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Articles by A.J. Afolayan
Total Records ( 6 ) for A.J. Afolayan
  S. Koduru , D.S. Grierson and A.J. Afolayan
  Solanum aculeastrum is a medicinal plant that showed low seed germination under laboratory conditions. The objective of this study was to establish whether germination could be improved by the exposure of its seeds to high temperatures such as those registered on surface soils during natural fires. Our results indicated that temperatures of 100 and 120°C applied to green mature seeds of S. aculeastrum, for 45 to 60 min may break their innate dormancy, thus stimulating their subsequent germination to more than 85%. Germination in dry seeds, however, showed very low germination when subjected to high temperatures. Where the effect of smoke was tested on the germination of the green mature and dry seeds of S. aculeastrum, no stimulation of germination was observed. The ecological implications of these observations are discussed.
  A.A. Aliero , O.T. Asekun , D.S. Grierson and A.J. Afolayan
  The chemical compositions of hexane extractable fractions of the leaves of Solanum pseudocapsicum were analyzed by GC-MS. Out of the 35 compounds detected, 26 were identified. The first fraction was dominated by aliphatic hydrocarbons with decane (44.1%), undecane (24.6%) and nonane (6.1%) as the main constituents, while the second fraction was dominated by decane (24.9%), undecane (13%), tetradecane (10.0%) and hexadecane (8.3%). The main constituents of the third fraction were nonane (20.7%). α-terpinolene (7.2%). The acyclic diterpene phytol (35.8%), fatty acids (32.5%) and α-terpinolene (6.3%) dominated the fourth fraction. Other notable components identified include ketones and esters. The high percentage of hydrocarbons, terpenes and fatty acids could contribute to the understanding of the biological characteristics of this species as a poisonous plant.
  S. Koduru , D.S. Grierson , M. van de Venter and A.J. Afolayan
  Solanum aculeastrum is a medicinal plant used by the traditional healers of the Eastern Cape of South Africa, for the treatment of cancers. The antiproliferative activities of this plant were studied in vitro using three human tumour cell lines (HeLa, MCF7 and HT29). Methanolic extracts of the fruits had the highest antiproliferative activity with IC50 between 17.1 and 41.9 μg mL-1 while the activities of their aqueous extracts ranged between 27.9 and 48.5 μg mL-1. The leaf extracts had no anticancer activity under the experimental conditions tested. Overall, the HeLa and MCF7 cell lines were much more sensitive to both extracts than HT29 cells.
  Srinivas Koduru , D.S. Grierson and A.J. Afolayan
  Solanum aculeastrum is an important medicinal plant which is used for the treatment of several diseases including cancer in South Africa. The structure and distribution of foliar appendages on the leaves of this plant were examined by scanning electron microscope. Both glandular and non-glandular trichomes were observed, which differed from each other in morphology and location on the leaf. While short-stalked (SST) glandular trichomes were abundant on the adaxial leaf surface, single, multicellular and pointed stellate trichomes (ST) having 13-15 arms, were abundant on the abaxial surface of the leaf, together with long-stalked glandular trichomes (LST). We hypothesize that the bioactive therapeutic compounds secreted by S. aculeastrum are produced in these glandular trichomes.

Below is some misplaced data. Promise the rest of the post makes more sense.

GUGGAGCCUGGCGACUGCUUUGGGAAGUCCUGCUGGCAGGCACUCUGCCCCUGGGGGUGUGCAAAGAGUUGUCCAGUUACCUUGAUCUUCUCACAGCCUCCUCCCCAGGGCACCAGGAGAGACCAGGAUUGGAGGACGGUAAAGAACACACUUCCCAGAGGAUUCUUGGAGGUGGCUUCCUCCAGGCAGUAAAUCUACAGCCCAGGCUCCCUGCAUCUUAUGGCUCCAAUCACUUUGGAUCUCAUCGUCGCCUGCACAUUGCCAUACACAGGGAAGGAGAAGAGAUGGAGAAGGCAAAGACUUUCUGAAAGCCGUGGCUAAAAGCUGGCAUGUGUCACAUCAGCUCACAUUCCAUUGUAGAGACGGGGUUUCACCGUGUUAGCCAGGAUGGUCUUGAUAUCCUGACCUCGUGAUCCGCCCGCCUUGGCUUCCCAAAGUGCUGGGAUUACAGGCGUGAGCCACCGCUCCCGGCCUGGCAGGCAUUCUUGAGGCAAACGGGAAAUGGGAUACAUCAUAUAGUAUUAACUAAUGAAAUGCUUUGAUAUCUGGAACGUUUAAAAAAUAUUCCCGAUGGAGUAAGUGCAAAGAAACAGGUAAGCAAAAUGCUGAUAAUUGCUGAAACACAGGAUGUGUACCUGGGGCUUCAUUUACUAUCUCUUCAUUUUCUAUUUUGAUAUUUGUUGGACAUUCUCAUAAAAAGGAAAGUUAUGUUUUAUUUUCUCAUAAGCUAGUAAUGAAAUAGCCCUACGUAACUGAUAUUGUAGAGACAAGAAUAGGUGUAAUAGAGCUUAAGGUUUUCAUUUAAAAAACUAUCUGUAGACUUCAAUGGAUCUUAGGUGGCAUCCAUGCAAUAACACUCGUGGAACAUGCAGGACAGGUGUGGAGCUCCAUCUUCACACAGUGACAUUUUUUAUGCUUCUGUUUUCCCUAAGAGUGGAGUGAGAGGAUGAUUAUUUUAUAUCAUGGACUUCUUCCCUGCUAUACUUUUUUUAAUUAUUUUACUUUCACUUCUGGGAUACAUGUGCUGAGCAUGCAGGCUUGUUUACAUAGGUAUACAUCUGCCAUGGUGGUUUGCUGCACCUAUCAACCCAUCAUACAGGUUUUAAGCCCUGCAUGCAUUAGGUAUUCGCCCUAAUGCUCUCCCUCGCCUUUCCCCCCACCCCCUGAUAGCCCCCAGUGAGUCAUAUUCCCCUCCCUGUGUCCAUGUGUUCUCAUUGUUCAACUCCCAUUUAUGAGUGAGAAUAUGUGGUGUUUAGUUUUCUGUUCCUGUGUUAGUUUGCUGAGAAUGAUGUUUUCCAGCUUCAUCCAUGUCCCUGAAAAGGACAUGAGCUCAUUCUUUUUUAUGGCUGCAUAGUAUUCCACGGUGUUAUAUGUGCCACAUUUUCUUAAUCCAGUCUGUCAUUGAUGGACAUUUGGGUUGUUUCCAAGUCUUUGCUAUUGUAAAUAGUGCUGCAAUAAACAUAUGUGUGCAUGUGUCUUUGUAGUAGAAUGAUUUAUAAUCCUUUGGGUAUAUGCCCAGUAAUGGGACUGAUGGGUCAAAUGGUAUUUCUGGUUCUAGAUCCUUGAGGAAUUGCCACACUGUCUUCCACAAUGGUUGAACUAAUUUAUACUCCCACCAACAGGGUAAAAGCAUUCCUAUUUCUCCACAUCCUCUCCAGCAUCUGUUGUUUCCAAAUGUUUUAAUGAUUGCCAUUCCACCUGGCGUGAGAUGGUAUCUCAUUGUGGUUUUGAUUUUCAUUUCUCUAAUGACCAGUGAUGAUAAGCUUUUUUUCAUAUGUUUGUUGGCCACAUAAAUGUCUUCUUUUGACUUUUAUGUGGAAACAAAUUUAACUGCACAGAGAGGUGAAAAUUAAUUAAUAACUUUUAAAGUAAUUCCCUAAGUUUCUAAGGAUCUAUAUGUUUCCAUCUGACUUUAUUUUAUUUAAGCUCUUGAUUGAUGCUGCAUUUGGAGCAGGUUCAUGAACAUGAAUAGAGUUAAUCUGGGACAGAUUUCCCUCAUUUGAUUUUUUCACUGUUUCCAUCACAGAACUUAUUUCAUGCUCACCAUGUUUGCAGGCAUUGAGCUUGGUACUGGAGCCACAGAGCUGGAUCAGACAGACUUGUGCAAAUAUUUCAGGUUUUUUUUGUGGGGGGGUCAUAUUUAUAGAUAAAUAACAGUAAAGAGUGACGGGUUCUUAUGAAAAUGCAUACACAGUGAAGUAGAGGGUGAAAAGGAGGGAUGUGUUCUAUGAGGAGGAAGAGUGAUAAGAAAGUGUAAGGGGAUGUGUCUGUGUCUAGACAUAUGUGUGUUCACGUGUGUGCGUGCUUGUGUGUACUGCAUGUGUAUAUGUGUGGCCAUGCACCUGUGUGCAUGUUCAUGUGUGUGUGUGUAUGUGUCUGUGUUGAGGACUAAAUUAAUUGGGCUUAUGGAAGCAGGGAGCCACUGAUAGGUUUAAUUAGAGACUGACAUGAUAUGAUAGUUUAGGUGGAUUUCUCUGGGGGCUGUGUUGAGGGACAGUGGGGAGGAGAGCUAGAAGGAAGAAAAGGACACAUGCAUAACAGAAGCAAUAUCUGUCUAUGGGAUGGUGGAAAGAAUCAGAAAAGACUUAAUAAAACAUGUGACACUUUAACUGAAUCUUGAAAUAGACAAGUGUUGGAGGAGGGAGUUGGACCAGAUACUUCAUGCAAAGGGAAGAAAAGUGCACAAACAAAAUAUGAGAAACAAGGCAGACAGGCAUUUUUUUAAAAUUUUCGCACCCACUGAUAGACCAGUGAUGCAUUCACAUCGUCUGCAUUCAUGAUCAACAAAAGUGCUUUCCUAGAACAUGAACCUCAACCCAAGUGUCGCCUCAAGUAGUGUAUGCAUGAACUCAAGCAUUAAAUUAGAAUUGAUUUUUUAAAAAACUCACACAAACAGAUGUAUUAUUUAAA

A.A. Aliero , D.S. Grierson and A.J. Afolayan
  Solanum pseudocapsicum is a poisonous plant; yet it is used for the treatment of boils, gonorrhea, tonic and against abdominal pains. The essential oil obtained by hydrodistillation of unripe berries of the shrub was analyzed by Gas chromatography-mass spectrometry. Twenty-one compounds were identified, constituting 69.24% of the total oil components. The major compounds were homologous series of alkanes, alcohol, aldehyde and terpenoids. The oil is predominated by decane (41.06%), undecane (29.26%), monoterpenoids (14.79%), sesquiterpene (3.21%) and a diterpene pytol (5.94%). These compounds are reported for the first time in this species.
  A.A. Aliero , D.S. Grierson and A.J. Afolayan
  Acetone, methanol and water extracts from the leaves, fruits and roots of Solanum pseudocapsicum were investigated for their antimycotic activities. The growth inhibition of the fungi was determined using the agar dilution assay against five fungal species. Acetone and methanol extracts showed significant growth inhibition of Aspergillus niger and Penicillium notatum with inhibitory activity ranging from 50.83 to 80.55% at 5.0 mg mL-1. The growth of Fusarium oxysporum was markedly suppressed by methanol and acetone extracts from the leaves and the roots. None of the extracts suppressed the growth of Aspergillus flavus and Candida albicans at the tested concentrations. This study suggests a new potential application of S. pseudocapsicum as a fungicide.
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